Journal of molecular and cellular cardiology

Cell-based delivery of dATP via gap junctions enhances cardiac contractility.

PMID 24780238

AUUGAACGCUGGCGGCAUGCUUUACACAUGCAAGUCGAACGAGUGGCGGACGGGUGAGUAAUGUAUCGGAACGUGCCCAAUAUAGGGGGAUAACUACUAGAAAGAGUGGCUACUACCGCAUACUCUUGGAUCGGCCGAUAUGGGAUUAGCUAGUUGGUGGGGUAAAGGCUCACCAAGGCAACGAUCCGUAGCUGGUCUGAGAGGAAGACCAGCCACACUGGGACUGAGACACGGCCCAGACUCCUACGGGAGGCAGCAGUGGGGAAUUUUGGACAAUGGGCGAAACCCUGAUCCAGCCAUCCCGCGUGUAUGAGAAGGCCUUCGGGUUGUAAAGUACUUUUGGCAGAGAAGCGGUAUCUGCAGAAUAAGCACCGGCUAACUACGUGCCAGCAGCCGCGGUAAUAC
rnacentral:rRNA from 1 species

The transplantation of human pluripotent stem cell-derived cardiomyocytes (hPSC-CMs) is a promising strategy to treat myocardial infarction and reverse heart failure, but to date the contractile benefit in most studies remains modest. We have previously shown that the nucleotide 2-deoxyadenosine triphosphate (dATP) can substitute for ATP as the energy substrate for cardiac myosin, and increasing cellular dATP content by globally overexpressing ribonucleotide reductase (R1R2) can dramatically enhance cardiac contractility. Because dATP is a small molecule, we hypothesized that it would diffuse readily between cells via gap junctions and enhance the contractility of neighboring coupled wild type cells. To test this hypothesis, we performed studies with the goals of (1) validating gap junction-mediated dATP transfer in vitro and (2) investigating the use of R1R2-overexpressing hPSC-CMs in vivo as a novel strategy to increase cardiac function. We first performed intracellular dye transfer studies using dATP conjugated to fluorescein and demonstrated rapid gap junction-mediated transfer between cardiomyocytes. We then cocultured wild type cardiomyocytes with either cardiomyocytes or fibroblasts overexpressing R1R2 and saw more than a twofold increase in the extent and rate of contraction of wild type cardiomyocytes. Finally, we transplanted hPSC-CMs overexpressing R1R2 into healthy uninjured rat hearts and noted an increase in fractional shortening from 41±4% to 53±5% just five days after cell transplantation. These findings demonstrate that dATP is an inotropic factor that spreads between cells via gap junctions. Our data suggest that transplantation of dATP-producing hPSC-CMs could significantly increase the effectiveness of cardiac cell therapy.